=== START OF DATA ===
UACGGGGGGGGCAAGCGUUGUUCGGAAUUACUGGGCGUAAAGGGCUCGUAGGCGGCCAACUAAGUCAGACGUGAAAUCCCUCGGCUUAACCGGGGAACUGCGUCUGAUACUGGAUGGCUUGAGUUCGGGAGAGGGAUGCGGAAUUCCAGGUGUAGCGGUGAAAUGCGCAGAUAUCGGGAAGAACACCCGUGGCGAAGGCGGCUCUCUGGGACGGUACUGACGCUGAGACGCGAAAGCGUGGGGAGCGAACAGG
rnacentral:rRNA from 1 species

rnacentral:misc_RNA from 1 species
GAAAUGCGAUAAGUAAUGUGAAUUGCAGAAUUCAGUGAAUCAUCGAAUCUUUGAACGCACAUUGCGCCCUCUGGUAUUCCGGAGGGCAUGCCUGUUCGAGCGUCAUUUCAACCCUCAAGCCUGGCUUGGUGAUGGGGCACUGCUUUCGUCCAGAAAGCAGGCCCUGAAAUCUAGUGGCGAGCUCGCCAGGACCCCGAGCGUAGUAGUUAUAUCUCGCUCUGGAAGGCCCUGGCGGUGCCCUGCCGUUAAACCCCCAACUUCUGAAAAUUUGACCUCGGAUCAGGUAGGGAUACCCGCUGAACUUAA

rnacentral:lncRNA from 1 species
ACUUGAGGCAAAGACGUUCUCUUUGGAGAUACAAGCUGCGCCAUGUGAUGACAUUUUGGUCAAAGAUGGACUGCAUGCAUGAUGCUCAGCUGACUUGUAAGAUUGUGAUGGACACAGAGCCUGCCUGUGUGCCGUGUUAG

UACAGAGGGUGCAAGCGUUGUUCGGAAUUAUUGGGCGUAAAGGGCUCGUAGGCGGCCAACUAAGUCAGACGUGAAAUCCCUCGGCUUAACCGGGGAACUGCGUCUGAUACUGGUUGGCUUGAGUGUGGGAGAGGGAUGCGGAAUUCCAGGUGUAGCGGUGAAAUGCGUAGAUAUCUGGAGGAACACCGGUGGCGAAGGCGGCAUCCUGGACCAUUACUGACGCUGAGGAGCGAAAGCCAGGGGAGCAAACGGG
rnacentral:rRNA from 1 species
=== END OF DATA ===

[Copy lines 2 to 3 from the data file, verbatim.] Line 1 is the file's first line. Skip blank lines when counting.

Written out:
rnacentral:rRNA from 1 species

rnacentral:misc_RNA from 1 species